The Vikings thought of death as a point when one enters another life in another mythical place. So they killed and died without much remorse. According to the Greeks, everyone who died, heroes and villains alike, went to the underworld of Hades, God of the land of the dead. Much later, there evolved the concept of an afterlife that is different in quality for each individual as determined by their good deeds and bad ones.

Then dawned the era of Christianity. This religion made people believe in judgment day and God judging everyone based on good deeds and bad ones after death. Hindu mythology on the other hand professed you will be reborn as a lower life form like a serpent or a fly if you indulge in evil acts. If you do good instead, the Hindu belief system says, you will escape the cycle of rebirths and become one with the ultimate energy source.

Viking Funeral


Literature, War, Ideology

Death representations in literature generally have been argued to be a kind of empowerment attempt by illustrating death as a “rounding off of an eventful life”. In literature, people die all the time as in life. While in real life, death is a moment when life around it freezes but in literature, every death gives new momentum to the narrative. Like real people, literary characters also struggle to escape death and cope with the impact of death.

The way we deal with death in real life is usually by simple and constant denial- a refusal to accept that one could actually die. Freud said, “it is indeed impossible to imagine our own death, and whenever we attempt to do so we can perceive that we are in fact still present as spectators.”

War, love, religious faith, human compassion and ideology (apart from suicide) are the instances when humans accept death as a real possibility and still dare it. Sometimes, it is through developing a sense of self-worth and a sense of the value of life that we cope with the reality of death. People can have both negative and positive reactions to the death of others. The prospect of one’s own death looms above all in varying degrees and while some people find comparative peace with it, most of us are perplexed and anguished by the thought. This is why finding a comforting view about death becomes important.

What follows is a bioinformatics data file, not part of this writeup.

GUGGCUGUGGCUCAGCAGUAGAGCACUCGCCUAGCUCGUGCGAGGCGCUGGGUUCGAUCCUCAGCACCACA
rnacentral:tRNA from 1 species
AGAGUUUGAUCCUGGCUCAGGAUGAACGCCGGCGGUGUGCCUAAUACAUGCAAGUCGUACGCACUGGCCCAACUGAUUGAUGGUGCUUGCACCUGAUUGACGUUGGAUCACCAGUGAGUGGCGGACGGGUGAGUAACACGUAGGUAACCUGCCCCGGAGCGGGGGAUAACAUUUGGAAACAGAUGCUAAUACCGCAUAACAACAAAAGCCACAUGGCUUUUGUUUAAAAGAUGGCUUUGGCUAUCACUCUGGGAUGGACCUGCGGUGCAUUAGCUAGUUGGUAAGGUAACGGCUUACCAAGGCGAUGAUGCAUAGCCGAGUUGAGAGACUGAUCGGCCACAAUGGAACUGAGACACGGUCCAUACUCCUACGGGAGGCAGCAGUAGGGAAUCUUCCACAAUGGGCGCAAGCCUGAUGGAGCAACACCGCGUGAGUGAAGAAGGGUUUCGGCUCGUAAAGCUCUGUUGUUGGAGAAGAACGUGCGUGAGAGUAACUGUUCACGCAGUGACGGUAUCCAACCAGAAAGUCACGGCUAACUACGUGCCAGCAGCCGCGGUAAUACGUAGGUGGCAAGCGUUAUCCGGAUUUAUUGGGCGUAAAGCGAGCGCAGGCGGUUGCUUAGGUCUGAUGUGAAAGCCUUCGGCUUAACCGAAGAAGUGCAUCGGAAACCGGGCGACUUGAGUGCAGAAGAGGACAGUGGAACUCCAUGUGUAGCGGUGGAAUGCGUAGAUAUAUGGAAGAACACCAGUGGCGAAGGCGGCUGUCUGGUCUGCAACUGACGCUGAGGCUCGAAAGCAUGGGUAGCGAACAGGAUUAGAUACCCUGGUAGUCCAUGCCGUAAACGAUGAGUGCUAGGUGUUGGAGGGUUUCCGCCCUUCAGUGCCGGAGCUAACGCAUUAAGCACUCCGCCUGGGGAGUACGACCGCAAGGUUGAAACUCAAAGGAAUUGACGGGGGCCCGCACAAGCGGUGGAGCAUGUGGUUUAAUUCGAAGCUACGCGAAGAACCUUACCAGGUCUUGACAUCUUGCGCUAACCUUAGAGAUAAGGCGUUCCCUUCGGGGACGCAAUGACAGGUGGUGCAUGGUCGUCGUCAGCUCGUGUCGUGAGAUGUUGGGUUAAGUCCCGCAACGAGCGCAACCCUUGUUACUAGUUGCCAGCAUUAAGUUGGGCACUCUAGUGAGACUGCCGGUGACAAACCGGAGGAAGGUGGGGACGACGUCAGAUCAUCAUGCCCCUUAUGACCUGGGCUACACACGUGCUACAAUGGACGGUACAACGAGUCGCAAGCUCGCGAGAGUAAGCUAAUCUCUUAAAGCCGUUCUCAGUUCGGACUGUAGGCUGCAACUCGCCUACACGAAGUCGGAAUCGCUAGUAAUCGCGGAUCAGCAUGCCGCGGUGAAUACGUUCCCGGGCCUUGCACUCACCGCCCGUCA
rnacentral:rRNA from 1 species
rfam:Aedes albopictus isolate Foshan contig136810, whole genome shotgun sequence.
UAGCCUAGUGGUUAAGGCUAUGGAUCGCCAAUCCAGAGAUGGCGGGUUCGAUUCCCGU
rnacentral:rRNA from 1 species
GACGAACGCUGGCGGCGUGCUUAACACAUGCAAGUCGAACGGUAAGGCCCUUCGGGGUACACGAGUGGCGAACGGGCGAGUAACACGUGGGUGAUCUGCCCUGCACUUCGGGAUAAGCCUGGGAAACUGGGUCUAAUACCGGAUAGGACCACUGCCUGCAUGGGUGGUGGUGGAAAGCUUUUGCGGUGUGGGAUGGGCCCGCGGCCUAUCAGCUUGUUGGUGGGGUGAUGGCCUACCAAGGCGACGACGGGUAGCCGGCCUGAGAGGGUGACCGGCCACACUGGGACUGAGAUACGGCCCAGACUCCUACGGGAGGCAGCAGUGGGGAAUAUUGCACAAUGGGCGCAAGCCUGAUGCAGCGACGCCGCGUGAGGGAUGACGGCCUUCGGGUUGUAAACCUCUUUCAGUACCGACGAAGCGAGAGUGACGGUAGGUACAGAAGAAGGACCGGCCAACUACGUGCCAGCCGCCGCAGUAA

War Cemetery: Delhi, India


Death and Future

Bioquark, a biotech company in Philadelphia, is researching brain death in patients, who according to the US federal law can be declared clinically dead but for the purpose of research, are still on life support. The aim of the experiment, titled, ReAnima Project, is to find out if stem cell therapy could re-grow and repair at least some brain cells of these dead people so that the 'brain dead' stage can be reverted into a deep coma stage. Brain death as many of us know is the current legal parameter of death in most countries. Theoretically, the Bioquark experiment is viable to succeed but there are many subtle and complex practical limitations of modern science that make conquering death only a remote possibility. The whole project as of now is shrouded in mystery and controversy.

The question of what death really is will continue to haunt and fascinate us till science catches up with the minutiae of this biological phenomenon. However, the very same mystery will also continue to stir our creative imagination. Death is a constant and ancient companion who cannot yet be wished away. Science will continue to probe if consciousness or the body as a whole can survive death. If the theoretical projections of popular scientists are to be believed, there are multiple universes and many replicas of us in those universes. This is another notion that philosophy could use to argue that death is immaterial in a cosmic sense.

A Meaningful Life And A Meaningful Death

To live a life with the least of regrets is the best way to find peace with death. Our literature and history constantly point to that if we care to pay attention. When we try to live a meaningful life, try to create beauty from art, our relationships, and the community, try to be happy with what we have and learn to cherish every good moment in our lives, death will become the least of our concerns.

© 2018 Deepa